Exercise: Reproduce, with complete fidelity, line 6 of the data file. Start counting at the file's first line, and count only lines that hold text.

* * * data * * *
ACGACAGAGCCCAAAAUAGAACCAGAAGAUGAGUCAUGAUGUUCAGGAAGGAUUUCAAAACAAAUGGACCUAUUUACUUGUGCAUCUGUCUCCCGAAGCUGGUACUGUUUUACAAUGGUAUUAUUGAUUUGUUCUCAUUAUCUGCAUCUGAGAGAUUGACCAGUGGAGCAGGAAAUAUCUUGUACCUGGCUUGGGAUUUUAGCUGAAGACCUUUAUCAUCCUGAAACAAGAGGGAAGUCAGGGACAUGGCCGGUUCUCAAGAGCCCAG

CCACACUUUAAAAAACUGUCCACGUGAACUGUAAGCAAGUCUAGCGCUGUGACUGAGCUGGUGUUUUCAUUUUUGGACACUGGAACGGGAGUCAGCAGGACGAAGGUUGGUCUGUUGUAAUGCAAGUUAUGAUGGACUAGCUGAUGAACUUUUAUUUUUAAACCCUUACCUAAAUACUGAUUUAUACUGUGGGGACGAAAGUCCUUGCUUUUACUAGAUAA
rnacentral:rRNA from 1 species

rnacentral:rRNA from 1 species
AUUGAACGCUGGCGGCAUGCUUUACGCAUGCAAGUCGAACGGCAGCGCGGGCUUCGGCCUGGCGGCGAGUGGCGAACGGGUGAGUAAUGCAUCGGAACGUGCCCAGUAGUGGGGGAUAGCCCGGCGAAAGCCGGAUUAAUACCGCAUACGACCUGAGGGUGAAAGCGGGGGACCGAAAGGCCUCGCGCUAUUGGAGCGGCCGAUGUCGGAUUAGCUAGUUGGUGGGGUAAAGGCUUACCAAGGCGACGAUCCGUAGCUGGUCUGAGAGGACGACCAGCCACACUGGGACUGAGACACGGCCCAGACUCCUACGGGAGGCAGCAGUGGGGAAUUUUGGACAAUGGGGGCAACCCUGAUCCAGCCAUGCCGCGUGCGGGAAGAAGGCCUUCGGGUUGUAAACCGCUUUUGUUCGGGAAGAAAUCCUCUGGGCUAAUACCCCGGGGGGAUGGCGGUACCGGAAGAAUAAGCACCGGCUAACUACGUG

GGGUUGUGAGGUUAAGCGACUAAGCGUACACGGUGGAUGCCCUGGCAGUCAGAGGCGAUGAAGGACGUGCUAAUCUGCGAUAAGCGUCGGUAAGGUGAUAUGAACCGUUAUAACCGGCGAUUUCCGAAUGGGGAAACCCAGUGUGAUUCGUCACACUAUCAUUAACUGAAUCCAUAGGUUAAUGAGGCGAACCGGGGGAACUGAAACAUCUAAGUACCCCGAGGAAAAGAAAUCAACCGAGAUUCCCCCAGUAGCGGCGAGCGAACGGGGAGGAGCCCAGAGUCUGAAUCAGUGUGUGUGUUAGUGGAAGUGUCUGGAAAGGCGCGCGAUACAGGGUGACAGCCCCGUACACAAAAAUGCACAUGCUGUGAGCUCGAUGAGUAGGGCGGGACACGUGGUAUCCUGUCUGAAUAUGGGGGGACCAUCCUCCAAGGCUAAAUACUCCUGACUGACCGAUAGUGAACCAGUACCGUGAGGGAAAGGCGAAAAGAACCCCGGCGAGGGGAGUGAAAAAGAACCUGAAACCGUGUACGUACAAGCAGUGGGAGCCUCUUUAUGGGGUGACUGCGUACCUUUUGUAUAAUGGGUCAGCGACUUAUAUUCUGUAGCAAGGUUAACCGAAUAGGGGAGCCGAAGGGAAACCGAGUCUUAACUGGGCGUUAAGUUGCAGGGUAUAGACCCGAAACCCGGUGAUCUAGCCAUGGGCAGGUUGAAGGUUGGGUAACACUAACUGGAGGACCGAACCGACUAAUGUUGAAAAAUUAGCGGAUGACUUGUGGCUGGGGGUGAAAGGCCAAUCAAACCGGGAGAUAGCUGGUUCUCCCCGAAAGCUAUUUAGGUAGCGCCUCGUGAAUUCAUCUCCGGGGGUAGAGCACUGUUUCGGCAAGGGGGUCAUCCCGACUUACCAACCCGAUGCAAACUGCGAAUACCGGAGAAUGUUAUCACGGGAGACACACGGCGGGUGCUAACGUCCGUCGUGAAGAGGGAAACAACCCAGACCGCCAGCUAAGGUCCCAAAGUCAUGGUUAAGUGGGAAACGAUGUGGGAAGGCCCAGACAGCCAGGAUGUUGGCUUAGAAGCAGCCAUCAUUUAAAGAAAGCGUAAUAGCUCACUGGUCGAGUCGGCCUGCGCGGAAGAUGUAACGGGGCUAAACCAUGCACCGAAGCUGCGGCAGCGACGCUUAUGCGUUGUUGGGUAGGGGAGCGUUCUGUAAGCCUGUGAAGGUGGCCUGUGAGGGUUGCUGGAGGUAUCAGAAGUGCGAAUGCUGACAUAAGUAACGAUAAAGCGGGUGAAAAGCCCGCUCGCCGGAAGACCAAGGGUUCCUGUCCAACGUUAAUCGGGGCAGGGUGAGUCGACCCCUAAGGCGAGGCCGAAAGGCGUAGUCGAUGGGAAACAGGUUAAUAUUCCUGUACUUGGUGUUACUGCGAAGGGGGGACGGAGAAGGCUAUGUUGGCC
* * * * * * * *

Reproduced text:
GGGUUGUGAGGUUAAGCGACUAAGCGUACACGGUGGAUGCCCUGGCAGUCAGAGGCGAUGAAGGACGUGCUAAUCUGCGAUAAGCGUCGGUAAGGUGAUAUGAACCGUUAUAACCGGCGAUUUCCGAAUGGGGAAACCCAGUGUGAUUCGUCACACUAUCAUUAACUGAAUCCAUAGGUUAAUGAGGCGAACCGGGGGAACUGAAACAUCUAAGUACCCCGAGGAAAAGAAAUCAACCGAGAUUCCCCCAGUAGCGGCGAGCGAACGGGGAGGAGCCCAGAGUCUGAAUCAGUGUGUGUGUUAGUGGAAGUGUCUGGAAAGGCGCGCGAUACAGGGUGACAGCCCCGUACACAAAAAUGCACAUGCUGUGAGCUCGAUGAGUAGGGCGGGACACGUGGUAUCCUGUCUGAAUAUGGGGGGACCAUCCUCCAAGGCUAAAUACUCCUGACUGACCGAUAGUGAACCAGUACCGUGAGGGAAAGGCGAAAAGAACCCCGGCGAGGGGAGUGAAAAAGAACCUGAAACCGUGUACGUACAAGCAGUGGGAGCCUCUUUAUGGGGUGACUGCGUACCUUUUGUAUAAUGGGUCAGCGACUUAUAUUCUGUAGCAAGGUUAACCGAAUAGGGGAGCCGAAGGGAAACCGAGUCUUAACUGGGCGUUAAGUUGCAGGGUAUAGACCCGAAACCCGGUGAUCUAGCCAUGGGCAGGUUGAAGGUUGGGUAACACUAACUGGAGGACCGAACCGACUAAUGUUGAAAAAUUAGCGGAUGACUUGUGGCUGGGGGUGAAAGGCCAAUCAAACCGGGAGAUAGCUGGUUCUCCCCGAAAGCUAUUUAGGUAGCGCCUCGUGAAUUCAUCUCCGGGGGUAGAGCACUGUUUCGGCAAGGGGGUCAUCCCGACUUACCAACCCGAUGCAAACUGCGAAUACCGGAGAAUGUUAUCACGGGAGACACACGGCGGGUGCUAACGUCCGUCGUGAAGAGGGAAACAACCCAGACCGCCAGCUAAGGUCCCAAAGUCAUGGUUAAGUGGGAAACGAUGUGGGAAGGCCCAGACAGCCAGGAUGUUGGCUUAGAAGCAGCCAUCAUUUAAAGAAAGCGUAAUAGCUCACUGGUCGAGUCGGCCUGCGCGGAAGAUGUAACGGGGCUAAACCAUGCACCGAAGCUGCGGCAGCGACGCUUAUGCGUUGUUGGGUAGGGGAGCGUUCUGUAAGCCUGUGAAGGUGGCCUGUGAGGGUUGCUGGAGGUAUCAGAAGUGCGAAUGCUGACAUAAGUAACGAUAAAGCGGGUGAAAAGCCCGCUCGCCGGAAGACCAAGGGUUCCUGUCCAACGUUAAUCGGGGCAGGGUGAGUCGACCCCUAAGGCGAGGCCGAAAGGCGUAGUCGAUGGGAAACAGGUUAAUAUUCCUGUACUUGGUGUUACUGCGAAGGGGGGACGGAGAAGGCUAUGUUGGCC